PATIO WITH PROMISE: New Juanita's owner plan to liven up space. (File photo) Brian Chilson

Juanita’s, the venerable Tex-Mex restaurant and live music venue, has new owners. Four years after they purchased the restaurant and club, Joe Cates and Jim O’Brien have sold it to Erin Hurley, Trey Jordan, Reed Lewallen, Bill Puckett and James Snyder. The new group takes ownership Aug. 1. Upgrading the type of concerts the club hosts is one of the new group’s top priorities, according to Lewallen.

Hurley has worked for and with Juanita’s for years, first as on-staff talent buyer, later on contract with his booking business Green Grass entertainment and, more recently, managing the bar; he’ll continue to oversee the bar under new management. Snyder began working with Juanita’s as director of business development for Green Grass in 2007 before becoming general manager and talent buyer for Juanita’s in 2010; he’ll continue in both roles. Jordan worked until recently as manager, business development for American Express. Lewallen works remotely for payment processor Heartland Payment Systems. Puckett, a CPA, is senior auditor at Thomas & Thomas.


Earlier this year, Jordan, Lewallen, Puckett and Snyder formed a booking company, 5zero1 Promotions. They produced the Great Arkansas Beer Fest at the Little Rock Metroplex and brought Eddie Money and Third Eye Blind to Juanita’s. The restaurant and bar took in the third highest gross in its 28-year history on the day of the Third Eye Blind show, according to Lewallen.

Expect more shows of the caliber of Third Eye Blind, Lewallen said. In recent years, most Little Rock clubs have shied away from booking mid-sized acts that require a ticket price of more than $20 for the club to cover the artists’ guarantee. Under this new regime, Juanita’s plans to buck that trend. While still mixing in local music and up-and-coming national talent with tickets in the $10-and-under range, the club has a number of shows on the horizon featuring bigger names in a variety of genres — T-Pain, The Toadies, Big Head Todd and the Monsters, members of Celtic Thunder — and ticket prices that start at $20 or $25 and climb (stage access meet-and-greet tickets for T-Pain go for $250).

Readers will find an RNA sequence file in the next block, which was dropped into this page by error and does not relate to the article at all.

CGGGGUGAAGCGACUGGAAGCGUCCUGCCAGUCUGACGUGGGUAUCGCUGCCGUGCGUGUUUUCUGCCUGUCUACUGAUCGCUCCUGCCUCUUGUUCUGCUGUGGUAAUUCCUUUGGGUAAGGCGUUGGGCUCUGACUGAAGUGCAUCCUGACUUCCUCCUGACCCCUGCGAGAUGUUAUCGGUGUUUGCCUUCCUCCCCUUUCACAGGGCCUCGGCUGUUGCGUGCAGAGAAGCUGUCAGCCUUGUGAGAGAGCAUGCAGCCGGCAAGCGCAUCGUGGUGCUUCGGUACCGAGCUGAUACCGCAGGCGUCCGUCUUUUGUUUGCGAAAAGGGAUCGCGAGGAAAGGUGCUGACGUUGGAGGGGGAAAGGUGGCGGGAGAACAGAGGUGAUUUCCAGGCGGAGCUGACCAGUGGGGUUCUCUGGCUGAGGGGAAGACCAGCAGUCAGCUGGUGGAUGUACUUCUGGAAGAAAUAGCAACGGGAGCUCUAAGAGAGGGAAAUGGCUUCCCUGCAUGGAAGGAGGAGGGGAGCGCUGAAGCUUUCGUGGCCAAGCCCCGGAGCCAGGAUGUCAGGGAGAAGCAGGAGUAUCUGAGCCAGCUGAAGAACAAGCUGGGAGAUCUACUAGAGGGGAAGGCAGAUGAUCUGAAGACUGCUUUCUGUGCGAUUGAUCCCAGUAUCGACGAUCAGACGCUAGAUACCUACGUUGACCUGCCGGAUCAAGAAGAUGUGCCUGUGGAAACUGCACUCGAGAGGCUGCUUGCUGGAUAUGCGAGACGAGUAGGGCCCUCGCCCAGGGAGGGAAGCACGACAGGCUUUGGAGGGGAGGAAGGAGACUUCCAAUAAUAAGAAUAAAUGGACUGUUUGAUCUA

Otherwise, don’t expect major changes, according to Lewallen. A streamlined menu will debut Aug. 1. More craft beer will appear on tap. Gradually, the new group will tweak the decor in the restaurant downstairs, make small aesthetic changes upstairs and try to enliven the patio area. Lewallen hopes to have an outdoor TV screen for watching football on the patio in the fall.

The new group are the third owners in six years. In 2008, Johnny and Alicia Weaver bought the restaurant and bar from Lisa McNeir, who’d inherited it when her husband and one of Juanita’s co-founders, Frank McGehee, died in 2005. The Weavers sold to Cates and O’Neill in 2010. After relocating from South Main Street to the River Market in 2011, Cates and O’Brien unsuccessfully applied for a private club permit that would have allowed them to serve alcohol until 5 a.m. In 2012, Cates offered in the for-sale category of Craigslist “World Famous Restaurant & Bar – $250,000,” saying the grind of running it had become too much of a grind for him and O’Brien.